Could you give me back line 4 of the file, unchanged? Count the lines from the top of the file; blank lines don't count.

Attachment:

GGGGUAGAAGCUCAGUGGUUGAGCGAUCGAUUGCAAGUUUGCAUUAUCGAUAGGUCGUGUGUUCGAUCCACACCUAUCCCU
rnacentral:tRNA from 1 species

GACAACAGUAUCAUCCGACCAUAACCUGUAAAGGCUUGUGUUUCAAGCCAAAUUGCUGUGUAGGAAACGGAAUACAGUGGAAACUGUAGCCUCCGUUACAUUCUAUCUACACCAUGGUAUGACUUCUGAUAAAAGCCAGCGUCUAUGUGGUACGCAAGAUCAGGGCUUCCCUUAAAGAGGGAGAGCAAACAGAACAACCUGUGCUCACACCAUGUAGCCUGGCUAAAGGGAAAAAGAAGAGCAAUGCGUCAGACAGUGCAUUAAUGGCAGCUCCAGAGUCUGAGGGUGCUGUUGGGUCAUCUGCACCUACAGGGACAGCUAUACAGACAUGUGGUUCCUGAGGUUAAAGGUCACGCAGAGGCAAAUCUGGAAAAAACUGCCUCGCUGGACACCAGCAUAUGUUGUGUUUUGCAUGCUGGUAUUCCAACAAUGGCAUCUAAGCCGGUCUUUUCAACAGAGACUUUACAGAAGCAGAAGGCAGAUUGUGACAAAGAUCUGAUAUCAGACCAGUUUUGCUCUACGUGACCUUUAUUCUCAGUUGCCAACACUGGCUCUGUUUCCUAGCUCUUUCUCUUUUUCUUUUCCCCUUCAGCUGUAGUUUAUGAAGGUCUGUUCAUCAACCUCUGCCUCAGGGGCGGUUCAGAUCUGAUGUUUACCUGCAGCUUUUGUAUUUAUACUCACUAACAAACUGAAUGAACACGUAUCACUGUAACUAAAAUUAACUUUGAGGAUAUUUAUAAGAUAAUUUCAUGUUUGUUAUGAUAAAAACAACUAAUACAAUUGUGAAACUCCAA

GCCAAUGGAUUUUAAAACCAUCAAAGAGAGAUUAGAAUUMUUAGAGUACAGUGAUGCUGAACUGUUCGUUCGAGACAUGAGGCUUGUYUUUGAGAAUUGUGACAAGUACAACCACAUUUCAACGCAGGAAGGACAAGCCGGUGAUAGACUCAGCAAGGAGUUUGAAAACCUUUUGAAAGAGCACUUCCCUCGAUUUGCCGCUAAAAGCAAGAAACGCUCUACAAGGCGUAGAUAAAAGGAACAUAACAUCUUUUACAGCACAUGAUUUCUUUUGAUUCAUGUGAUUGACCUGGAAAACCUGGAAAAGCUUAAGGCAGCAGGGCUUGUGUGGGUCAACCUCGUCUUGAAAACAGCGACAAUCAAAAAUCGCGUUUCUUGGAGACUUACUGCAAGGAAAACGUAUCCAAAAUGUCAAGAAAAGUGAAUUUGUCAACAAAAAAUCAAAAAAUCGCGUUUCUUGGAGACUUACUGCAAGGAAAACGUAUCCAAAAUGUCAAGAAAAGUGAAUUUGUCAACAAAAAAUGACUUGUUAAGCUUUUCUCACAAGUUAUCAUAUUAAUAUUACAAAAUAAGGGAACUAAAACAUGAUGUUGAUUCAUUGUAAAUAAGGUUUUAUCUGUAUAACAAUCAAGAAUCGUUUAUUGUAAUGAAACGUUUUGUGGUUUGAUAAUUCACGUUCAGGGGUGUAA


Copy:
GCCAAUGGAUUUUAAAACCAUCAAAGAGAGAUUAGAAUUMUUAGAGUACAGUGAUGCUGAACUGUUCGUUCGAGACAUGAGGCUUGUYUUUGAGAAUUGUGACAAGUACAACCACAUUUCAACGCAGGAAGGACAAGCCGGUGAUAGACUCAGCAAGGAGUUUGAAAACCUUUUGAAAGAGCACUUCCCUCGAUUUGCCGCUAAAAGCAAGAAACGCUCUACAAGGCGUAGAUAAAAGGAACAUAACAUCUUUUACAGCACAUGAUUUCUUUUGAUUCAUGUGAUUGACCUGGAAAACCUGGAAAAGCUUAAGGCAGCAGGGCUUGUGUGGGUCAACCUCGUCUUGAAAACAGCGACAAUCAAAAAUCGCGUUUCUUGGAGACUUACUGCAAGGAAAACGUAUCCAAAAUGUCAAGAAAAGUGAAUUUGUCAACAAAAAAUCAAAAAAUCGCGUUUCUUGGAGACUUACUGCAAGGAAAACGUAUCCAAAAUGUCAAGAAAAGUGAAUUUGUCAACAAAAAAUGACUUGUUAAGCUUUUCUCACAAGUUAUCAUAUUAAUAUUACAAAAUAAGGGAACUAAAACAUGAUGUUGAUUCAUUGUAAAUAAGGUUUUAUCUGUAUAACAAUCAAGAAUCGUUUAUUGUAAUGAAACGUUUUGUGGUUUGAUAAUUCACGUUCAGGGGUGUAA